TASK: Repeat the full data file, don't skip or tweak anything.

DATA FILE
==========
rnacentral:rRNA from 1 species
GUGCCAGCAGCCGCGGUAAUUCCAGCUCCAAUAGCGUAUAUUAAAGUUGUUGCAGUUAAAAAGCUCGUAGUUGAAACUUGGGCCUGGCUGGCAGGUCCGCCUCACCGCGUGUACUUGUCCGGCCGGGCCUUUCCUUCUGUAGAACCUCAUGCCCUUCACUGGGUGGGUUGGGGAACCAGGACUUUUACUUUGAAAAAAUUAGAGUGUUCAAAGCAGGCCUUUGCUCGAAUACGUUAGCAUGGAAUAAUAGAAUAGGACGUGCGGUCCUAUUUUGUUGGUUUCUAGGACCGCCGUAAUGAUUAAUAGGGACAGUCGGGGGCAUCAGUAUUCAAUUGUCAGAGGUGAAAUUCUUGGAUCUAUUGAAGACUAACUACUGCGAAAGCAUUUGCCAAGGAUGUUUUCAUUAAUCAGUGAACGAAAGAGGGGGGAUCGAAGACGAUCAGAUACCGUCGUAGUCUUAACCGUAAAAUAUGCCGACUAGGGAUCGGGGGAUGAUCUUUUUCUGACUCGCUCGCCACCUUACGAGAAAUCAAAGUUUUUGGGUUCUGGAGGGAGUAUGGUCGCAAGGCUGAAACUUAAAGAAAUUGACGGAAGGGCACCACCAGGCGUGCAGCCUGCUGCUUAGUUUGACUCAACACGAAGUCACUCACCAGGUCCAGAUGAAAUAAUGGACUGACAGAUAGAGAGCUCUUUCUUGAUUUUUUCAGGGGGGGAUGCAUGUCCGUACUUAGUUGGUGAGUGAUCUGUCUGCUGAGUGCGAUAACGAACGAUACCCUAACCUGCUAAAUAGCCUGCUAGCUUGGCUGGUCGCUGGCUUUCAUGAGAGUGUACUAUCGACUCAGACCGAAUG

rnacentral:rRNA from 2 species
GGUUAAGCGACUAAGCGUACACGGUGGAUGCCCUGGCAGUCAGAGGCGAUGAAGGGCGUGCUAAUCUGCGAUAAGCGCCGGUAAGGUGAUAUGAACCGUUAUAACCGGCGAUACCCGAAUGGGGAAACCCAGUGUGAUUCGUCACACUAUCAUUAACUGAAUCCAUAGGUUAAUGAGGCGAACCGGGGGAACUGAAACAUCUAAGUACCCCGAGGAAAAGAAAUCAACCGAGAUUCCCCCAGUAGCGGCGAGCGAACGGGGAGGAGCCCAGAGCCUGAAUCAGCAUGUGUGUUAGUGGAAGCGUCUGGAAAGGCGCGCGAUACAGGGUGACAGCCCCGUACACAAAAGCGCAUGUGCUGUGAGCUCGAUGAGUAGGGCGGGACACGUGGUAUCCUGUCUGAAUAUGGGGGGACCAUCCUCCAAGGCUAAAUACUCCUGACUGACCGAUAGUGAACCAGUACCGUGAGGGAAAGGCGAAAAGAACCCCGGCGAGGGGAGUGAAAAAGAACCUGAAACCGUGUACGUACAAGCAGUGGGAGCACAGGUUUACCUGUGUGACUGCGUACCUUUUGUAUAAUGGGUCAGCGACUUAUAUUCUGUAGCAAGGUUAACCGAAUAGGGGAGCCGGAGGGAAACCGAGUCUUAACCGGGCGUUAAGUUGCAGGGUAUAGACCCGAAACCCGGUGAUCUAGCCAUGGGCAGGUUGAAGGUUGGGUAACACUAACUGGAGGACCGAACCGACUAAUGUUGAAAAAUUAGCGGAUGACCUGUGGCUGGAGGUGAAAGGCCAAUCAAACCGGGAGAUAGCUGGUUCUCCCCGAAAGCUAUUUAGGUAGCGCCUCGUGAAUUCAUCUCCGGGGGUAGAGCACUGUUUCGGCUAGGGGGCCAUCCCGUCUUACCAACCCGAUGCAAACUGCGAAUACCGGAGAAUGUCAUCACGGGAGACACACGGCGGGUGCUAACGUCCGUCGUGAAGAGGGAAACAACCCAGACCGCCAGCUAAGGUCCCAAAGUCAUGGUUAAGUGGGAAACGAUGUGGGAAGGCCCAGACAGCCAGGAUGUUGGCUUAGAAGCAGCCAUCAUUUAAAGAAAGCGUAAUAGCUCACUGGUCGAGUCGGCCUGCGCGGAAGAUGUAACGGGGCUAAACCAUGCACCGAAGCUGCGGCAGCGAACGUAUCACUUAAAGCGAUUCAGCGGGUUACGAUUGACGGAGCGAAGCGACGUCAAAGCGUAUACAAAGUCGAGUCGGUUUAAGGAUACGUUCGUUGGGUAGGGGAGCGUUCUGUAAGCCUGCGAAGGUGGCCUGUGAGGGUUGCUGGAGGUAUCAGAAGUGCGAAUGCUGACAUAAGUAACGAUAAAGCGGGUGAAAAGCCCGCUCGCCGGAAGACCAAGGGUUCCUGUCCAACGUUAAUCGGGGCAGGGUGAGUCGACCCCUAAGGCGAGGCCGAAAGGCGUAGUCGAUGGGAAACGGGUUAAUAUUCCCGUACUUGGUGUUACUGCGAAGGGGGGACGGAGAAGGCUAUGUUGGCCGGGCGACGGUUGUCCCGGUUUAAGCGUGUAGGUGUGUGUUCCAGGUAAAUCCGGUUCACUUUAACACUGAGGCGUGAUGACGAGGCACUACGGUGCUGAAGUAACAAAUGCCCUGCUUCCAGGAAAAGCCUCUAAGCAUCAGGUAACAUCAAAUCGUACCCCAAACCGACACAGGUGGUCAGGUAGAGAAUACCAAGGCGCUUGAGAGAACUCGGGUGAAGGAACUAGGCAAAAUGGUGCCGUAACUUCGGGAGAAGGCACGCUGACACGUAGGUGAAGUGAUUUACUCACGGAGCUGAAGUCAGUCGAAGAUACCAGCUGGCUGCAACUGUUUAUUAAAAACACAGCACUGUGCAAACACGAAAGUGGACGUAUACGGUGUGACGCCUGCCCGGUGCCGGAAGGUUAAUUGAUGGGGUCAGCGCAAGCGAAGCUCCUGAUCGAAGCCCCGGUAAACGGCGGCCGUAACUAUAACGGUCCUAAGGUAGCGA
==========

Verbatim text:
rnacentral:rRNA from 1 species
GUGCCAGCAGCCGCGGUAAUUCCAGCUCCAAUAGCGUAUAUUAAAGUUGUUGCAGUUAAAAAGCUCGUAGUUGAAACUUGGGCCUGGCUGGCAGGUCCGCCUCACCGCGUGUACUUGUCCGGCCGGGCCUUUCCUUCUGUAGAACCUCAUGCCCUUCACUGGGUGGGUUGGGGAACCAGGACUUUUACUUUGAAAAAAUUAGAGUGUUCAAAGCAGGCCUUUGCUCGAAUACGUUAGCAUGGAAUAAUAGAAUAGGACGUGCGGUCCUAUUUUGUUGGUUUCUAGGACCGCCGUAAUGAUUAAUAGGGACAGUCGGGGGCAUCAGUAUUCAAUUGUCAGAGGUGAAAUUCUUGGAUCUAUUGAAGACUAACUACUGCGAAAGCAUUUGCCAAGGAUGUUUUCAUUAAUCAGUGAACGAAAGAGGGGGGAUCGAAGACGAUCAGAUACCGUCGUAGUCUUAACCGUAAAAUAUGCCGACUAGGGAUCGGGGGAUGAUCUUUUUCUGACUCGCUCGCCACCUUACGAGAAAUCAAAGUUUUUGGGUUCUGGAGGGAGUAUGGUCGCAAGGCUGAAACUUAAAGAAAUUGACGGAAGGGCACCACCAGGCGUGCAGCCUGCUGCUUAGUUUGACUCAACACGAAGUCACUCACCAGGUCCAGAUGAAAUAAUGGACUGACAGAUAGAGAGCUCUUUCUUGAUUUUUUCAGGGGGGGAUGCAUGUCCGUACUUAGUUGGUGAGUGAUCUGUCUGCUGAGUGCGAUAACGAACGAUACCCUAACCUGCUAAAUAGCCUGCUAGCUUGGCUGGUCGCUGGCUUUCAUGAGAGUGUACUAUCGACUCAGACCGAAUG

rnacentral:rRNA from 2 species
GGUUAAGCGACUAAGCGUACACGGUGGAUGCCCUGGCAGUCAGAGGCGAUGAAGGGCGUGCUAAUCUGCGAUAAGCGCCGGUAAGGUGAUAUGAACCGUUAUAACCGGCGAUACCCGAAUGGGGAAACCCAGUGUGAUUCGUCACACUAUCAUUAACUGAAUCCAUAGGUUAAUGAGGCGAACCGGGGGAACUGAAACAUCUAAGUACCCCGAGGAAAAGAAAUCAACCGAGAUUCCCCCAGUAGCGGCGAGCGAACGGGGAGGAGCCCAGAGCCUGAAUCAGCAUGUGUGUUAGUGGAAGCGUCUGGAAAGGCGCGCGAUACAGGGUGACAGCCCCGUACACAAAAGCGCAUGUGCUGUGAGCUCGAUGAGUAGGGCGGGACACGUGGUAUCCUGUCUGAAUAUGGGGGGACCAUCCUCCAAGGCUAAAUACUCCUGACUGACCGAUAGUGAACCAGUACCGUGAGGGAAAGGCGAAAAGAACCCCGGCGAGGGGAGUGAAAAAGAACCUGAAACCGUGUACGUACAAGCAGUGGGAGCACAGGUUUACCUGUGUGACUGCGUACCUUUUGUAUAAUGGGUCAGCGACUUAUAUUCUGUAGCAAGGUUAACCGAAUAGGGGAGCCGGAGGGAAACCGAGUCUUAACCGGGCGUUAAGUUGCAGGGUAUAGACCCGAAACCCGGUGAUCUAGCCAUGGGCAGGUUGAAGGUUGGGUAACACUAACUGGAGGACCGAACCGACUAAUGUUGAAAAAUUAGCGGAUGACCUGUGGCUGGAGGUGAAAGGCCAAUCAAACCGGGAGAUAGCUGGUUCUCCCCGAAAGCUAUUUAGGUAGCGCCUCGUGAAUUCAUCUCCGGGGGUAGAGCACUGUUUCGGCUAGGGGGCCAUCCCGUCUUACCAACCCGAUGCAAACUGCGAAUACCGGAGAAUGUCAUCACGGGAGACACACGGCGGGUGCUAACGUCCGUCGUGAAGAGGGAAACAACCCAGACCGCCAGCUAAGGUCCCAAAGUCAUGGUUAAGUGGGAAACGAUGUGGGAAGGCCCAGACAGCCAGGAUGUUGGCUUAGAAGCAGCCAUCAUUUAAAGAAAGCGUAAUAGCUCACUGGUCGAGUCGGCCUGCGCGGAAGAUGUAACGGGGCUAAACCAUGCACCGAAGCUGCGGCAGCGAACGUAUCACUUAAAGCGAUUCAGCGGGUUACGAUUGACGGAGCGAAGCGACGUCAAAGCGUAUACAAAGUCGAGUCGGUUUAAGGAUACGUUCGUUGGGUAGGGGAGCGUUCUGUAAGCCUGCGAAGGUGGCCUGUGAGGGUUGCUGGAGGUAUCAGAAGUGCGAAUGCUGACAUAAGUAACGAUAAAGCGGGUGAAAAGCCCGCUCGCCGGAAGACCAAGGGUUCCUGUCCAACGUUAAUCGGGGCAGGGUGAGUCGACCCCUAAGGCGAGGCCGAAAGGCGUAGUCGAUGGGAAACGGGUUAAUAUUCCCGUACUUGGUGUUACUGCGAAGGGGGGACGGAGAAGGCUAUGUUGGCCGGGCGACGGUUGUCCCGGUUUAAGCGUGUAGGUGUGUGUUCCAGGUAAAUCCGGUUCACUUUAACACUGAGGCGUGAUGACGAGGCACUACGGUGCUGAAGUAACAAAUGCCCUGCUUCCAGGAAAAGCCUCUAAGCAUCAGGUAACAUCAAAUCGUACCCCAAACCGACACAGGUGGUCAGGUAGAGAAUACCAAGGCGCUUGAGAGAACUCGGGUGAAGGAACUAGGCAAAAUGGUGCCGUAACUUCGGGAGAAGGCACGCUGACACGUAGGUGAAGUGAUUUACUCACGGAGCUGAAGUCAGUCGAAGAUACCAGCUGGCUGCAACUGUUUAUUAAAAACACAGCACUGUGCAAACACGAAAGUGGACGUAUACGGUGUGACGCCUGCCCGGUGCCGGAAGGUUAAUUGAUGGGGUCAGCGCAAGCGAAGCUCCUGAUCGAAGCCCCGGUAAACGGCGGCCGUAACUAUAACGGUCCUAAGGUAGCGA